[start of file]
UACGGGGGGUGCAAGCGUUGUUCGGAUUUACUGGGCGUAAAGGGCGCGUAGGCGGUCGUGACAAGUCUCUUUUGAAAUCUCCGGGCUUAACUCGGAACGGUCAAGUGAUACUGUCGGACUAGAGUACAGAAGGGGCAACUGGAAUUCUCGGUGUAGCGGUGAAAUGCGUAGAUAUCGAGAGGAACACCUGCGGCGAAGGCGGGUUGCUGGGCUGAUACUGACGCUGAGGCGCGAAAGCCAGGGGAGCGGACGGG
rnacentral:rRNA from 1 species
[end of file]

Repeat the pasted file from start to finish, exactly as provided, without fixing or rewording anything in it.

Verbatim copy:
UACGGGGGGUGCAAGCGUUGUUCGGAUUUACUGGGCGUAAAGGGCGCGUAGGCGGUCGUGACAAGUCUCUUUUGAAAUCUCCGGGCUUAACUCGGAACGGUCAAGUGAUACUGUCGGACUAGAGUACAGAAGGGGCAACUGGAAUUCUCGGUGUAGCGGUGAAAUGCGUAGAUAUCGAGAGGAACACCUGCGGCGAAGGCGGGUUGCUGGGCUGAUACUGACGCUGAGGCGCGAAAGCCAGGGGAGCGGACGGG
rnacentral:rRNA from 1 species